(Washington, DC) – In their new report, Medicare Trustees forecast a higher rate of growth in Part B premiums next year, which could put millions of low benefit Social Security recipients at risk of seeing the deduction for their Medicare premiums take the entire amount of their Social Security cost-of-living adjustment (COLA) increase, warns The Senior Citizens League (TSCL). “A very low COLA would increase the risk that higher Medicare Part B premiums for 2020 will consume the entire amount of the COLA,” says Mary Johnson, a Social Security and Medicare policy analyst for The Senior Citizens League.
“Consumer Price Index data through March suggests that the annual Social Security cost-of-living adjustment (COLA) for 2020 will be very low, about 1.2%,” Johnson projects. The Social Security Trustees included a similarly low 2020 COLA prediction of 1.2% in their new report. Their report included three estimates – high, intermediate, and low COLA estimates. “This could mean that any Part B increase, of around $9.00 per month, will take the entire COLA of millions of low benefit Social Security recipients,” adds Johnson.
According to the new Medicare Trustees report, Part B premiums are expected to rise by $8.80 per month in 2020, from $135.50 to $144.30. An analysis by Johnson found that a Medicare Part B increase of $8.80 per month would take the entire COLA of Social Security recipients with a gross monthly benefit of $735 or less in 2019. According to Social Security data, roughly 4 million Social Security retirees with low benefits could be at risk of seeing no growth in their net Social Security benefits in 2020, after the deduction for rising Part B premiums using these projections.
While rising premiums might take all of an individual’s COLA, a special provision of law protects most, but not all, Social Security recipients from benefit reductions due to rising premiums. Known as the Social Security “hold harmless” provision, when the dollar amount of the Medicare Part B premium increase is greater than the dollar amount of an individual’s COLA, the Social Security Administration adjusts the individual’s Medicare Part B premium to prevent a net reduction in Social Security benefits from one year to the next.
While a valuable protection, those affected by hold harmless wind up with no growth in their net Social Security benefit after the deduction for Part B premiums. That leaves nothing extra left over to deal with other rising costs, like housing and out-of-pocket medical costs. In addition, because those who are protected by hold harmless are paying less than the basic Part B premium, they will need a higher COLA to catch up to Medicare Part B levels in following years. Should COLAs remain low, beneficiaries may see their net Social Security benefits remain flat over an extended period of time— a situation that most recently affected tens of millions of retirees nationwide in 2016, 2017 and 2018 when the COLA was zero, 0.3 percent, and 2 percent respectively.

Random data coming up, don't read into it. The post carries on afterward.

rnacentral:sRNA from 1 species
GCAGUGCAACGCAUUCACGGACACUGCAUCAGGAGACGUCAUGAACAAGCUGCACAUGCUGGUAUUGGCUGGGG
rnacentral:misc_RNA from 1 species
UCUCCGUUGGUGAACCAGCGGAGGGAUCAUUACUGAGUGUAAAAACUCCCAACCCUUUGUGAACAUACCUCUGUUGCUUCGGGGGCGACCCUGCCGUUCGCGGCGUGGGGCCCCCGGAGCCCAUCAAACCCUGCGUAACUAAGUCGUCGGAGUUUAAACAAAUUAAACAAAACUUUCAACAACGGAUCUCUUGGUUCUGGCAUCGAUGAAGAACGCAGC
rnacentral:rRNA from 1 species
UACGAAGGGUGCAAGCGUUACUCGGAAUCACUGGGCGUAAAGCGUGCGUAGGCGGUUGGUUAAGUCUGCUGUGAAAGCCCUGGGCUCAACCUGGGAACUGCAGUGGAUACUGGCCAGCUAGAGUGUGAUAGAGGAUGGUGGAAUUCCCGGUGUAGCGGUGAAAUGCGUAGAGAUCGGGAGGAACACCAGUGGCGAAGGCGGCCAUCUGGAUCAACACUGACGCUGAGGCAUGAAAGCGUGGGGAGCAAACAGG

Even though Social Security recipients this year received the highest COLA since 2012 —2.8% — COLAs have averaged a meager 1.4% over the past decade. That’s an unprecedented low rate of growth in Social Security benefits for an unprecedented long period of time. Johnson forecasts that more retirees will be affected on a recurring basis if COLAs continue to remain low, because the Medicare Trustees estimate that Medicare Part B premiums will grow to $226.30 per month by 2028.
The Senior Citizens League supports legislation called the Fair COLA for Seniors Act (H.R. 1553) that would strengthen the annual COLA by tying it to a “seniors” index, the Consumer Price Index for Elderly Consumers (CPI-E), which over time is expected to provide modestly higher benefits than the Consumer Price Index for Urban Wage Earners and Clerical Workers (CPI-W), which is used to calculate the COLA under current law. In addition, TSCL supports legislation that would provide a minimum COLA of no less than 3% per year. This would provide extra protection in years when inflation is below that amount.
To learn more, visit www.SeniorsLeague.org.
With 1.2 million supporters, The Senior Citizens League is one of the nation’s largest nonpartisan seniors groups. Its mission is to promote and assist members and supporters, to educate and alert senior citizens about their rights and freedoms as U.S. Citizens, and to protect and defend the benefits senior citizens have earned and paid for. The Senior Citizens League is a proud affiliate of The Retired Enlisted Association. Visit www.SeniorsLeague.org for more information.